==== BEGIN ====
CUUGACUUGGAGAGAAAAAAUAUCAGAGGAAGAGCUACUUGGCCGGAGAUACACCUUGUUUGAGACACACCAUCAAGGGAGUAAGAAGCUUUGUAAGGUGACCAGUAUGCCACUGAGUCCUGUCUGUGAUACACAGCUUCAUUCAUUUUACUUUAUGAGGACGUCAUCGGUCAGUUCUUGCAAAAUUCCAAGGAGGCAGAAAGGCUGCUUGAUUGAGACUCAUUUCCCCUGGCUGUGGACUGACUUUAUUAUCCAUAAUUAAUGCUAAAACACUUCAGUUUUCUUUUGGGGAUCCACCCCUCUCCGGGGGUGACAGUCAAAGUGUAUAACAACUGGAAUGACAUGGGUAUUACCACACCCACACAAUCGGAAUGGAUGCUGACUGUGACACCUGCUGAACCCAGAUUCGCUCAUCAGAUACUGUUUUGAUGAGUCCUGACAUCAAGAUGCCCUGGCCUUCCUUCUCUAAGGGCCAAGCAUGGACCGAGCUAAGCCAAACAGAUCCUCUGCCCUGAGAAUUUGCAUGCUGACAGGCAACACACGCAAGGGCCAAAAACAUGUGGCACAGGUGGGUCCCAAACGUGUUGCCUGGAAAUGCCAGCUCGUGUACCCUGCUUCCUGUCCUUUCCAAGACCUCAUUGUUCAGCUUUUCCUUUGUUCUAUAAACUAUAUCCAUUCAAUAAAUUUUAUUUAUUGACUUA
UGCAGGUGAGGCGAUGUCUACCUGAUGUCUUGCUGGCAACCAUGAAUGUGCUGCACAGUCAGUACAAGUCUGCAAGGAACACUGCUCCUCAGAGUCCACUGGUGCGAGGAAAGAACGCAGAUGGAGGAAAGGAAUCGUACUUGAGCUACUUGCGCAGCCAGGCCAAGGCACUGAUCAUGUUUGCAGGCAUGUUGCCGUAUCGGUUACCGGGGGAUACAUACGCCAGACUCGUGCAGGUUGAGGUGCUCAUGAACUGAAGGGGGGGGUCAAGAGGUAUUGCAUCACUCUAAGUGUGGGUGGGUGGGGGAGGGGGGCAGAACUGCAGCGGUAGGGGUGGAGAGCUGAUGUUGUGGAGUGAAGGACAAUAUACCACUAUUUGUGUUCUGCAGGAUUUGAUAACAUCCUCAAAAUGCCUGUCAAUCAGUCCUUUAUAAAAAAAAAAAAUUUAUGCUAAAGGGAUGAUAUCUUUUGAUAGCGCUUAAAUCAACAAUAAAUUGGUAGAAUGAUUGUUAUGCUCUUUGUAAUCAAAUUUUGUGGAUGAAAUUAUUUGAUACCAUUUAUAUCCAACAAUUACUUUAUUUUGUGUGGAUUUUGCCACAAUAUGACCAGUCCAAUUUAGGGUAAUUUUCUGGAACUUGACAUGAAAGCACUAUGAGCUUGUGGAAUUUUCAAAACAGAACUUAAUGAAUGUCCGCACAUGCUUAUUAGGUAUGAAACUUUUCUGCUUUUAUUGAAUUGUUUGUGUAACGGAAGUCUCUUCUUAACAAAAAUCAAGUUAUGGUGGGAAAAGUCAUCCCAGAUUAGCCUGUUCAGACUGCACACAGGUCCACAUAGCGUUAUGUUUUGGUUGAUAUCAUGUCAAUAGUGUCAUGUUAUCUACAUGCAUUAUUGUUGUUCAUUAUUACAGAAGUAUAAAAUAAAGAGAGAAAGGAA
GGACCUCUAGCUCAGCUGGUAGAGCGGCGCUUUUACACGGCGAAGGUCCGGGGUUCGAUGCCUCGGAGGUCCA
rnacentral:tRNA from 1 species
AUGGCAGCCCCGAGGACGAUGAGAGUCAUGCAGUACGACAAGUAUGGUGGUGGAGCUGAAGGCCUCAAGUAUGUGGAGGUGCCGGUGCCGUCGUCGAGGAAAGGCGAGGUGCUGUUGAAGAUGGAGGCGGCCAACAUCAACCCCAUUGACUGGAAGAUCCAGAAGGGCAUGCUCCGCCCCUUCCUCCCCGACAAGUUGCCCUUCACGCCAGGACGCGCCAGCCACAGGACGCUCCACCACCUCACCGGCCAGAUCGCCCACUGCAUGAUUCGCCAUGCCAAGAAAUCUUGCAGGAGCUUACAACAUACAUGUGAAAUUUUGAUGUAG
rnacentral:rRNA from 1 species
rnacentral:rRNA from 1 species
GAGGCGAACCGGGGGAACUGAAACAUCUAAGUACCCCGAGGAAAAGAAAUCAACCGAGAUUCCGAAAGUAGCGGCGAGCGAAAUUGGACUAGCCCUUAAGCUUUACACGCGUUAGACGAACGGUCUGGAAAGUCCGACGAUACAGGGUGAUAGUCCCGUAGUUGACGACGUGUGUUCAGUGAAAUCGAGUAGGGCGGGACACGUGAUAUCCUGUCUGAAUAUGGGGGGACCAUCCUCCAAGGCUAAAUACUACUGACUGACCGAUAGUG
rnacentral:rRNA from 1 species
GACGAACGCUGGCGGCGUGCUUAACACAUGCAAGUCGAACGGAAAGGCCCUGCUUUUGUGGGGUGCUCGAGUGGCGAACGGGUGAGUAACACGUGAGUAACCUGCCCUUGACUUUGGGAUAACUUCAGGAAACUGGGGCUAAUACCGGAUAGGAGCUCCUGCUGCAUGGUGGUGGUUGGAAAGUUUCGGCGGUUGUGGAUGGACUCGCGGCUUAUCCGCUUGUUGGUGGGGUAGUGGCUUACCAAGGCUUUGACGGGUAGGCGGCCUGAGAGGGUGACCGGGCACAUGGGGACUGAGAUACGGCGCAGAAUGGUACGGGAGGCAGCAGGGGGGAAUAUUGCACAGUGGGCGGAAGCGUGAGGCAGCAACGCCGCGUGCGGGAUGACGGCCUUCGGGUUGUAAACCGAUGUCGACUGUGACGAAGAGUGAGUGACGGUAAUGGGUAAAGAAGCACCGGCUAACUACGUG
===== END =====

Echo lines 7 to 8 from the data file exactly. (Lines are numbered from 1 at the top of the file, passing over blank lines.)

rnacentral:rRNA from 1 species
GAGGCGAACCGGGGGAACUGAAACAUCUAAGUACCCCGAGGAAAAGAAAUCAACCGAGAUUCCGAAAGUAGCGGCGAGCGAAAUUGGACUAGCCCUUAAGCUUUACACGCGUUAGACGAACGGUCUGGAAAGUCCGACGAUACAGGGUGAUAGUCCCGUAGUUGACGACGUGUGUUCAGUGAAAUCGAGUAGGGCGGGACACGUGAUAUCCUGUCUGAAUAUGGGGGGACCAUCCUCCAAGGCUAAAUACUACUGACUGACCGAUAGUG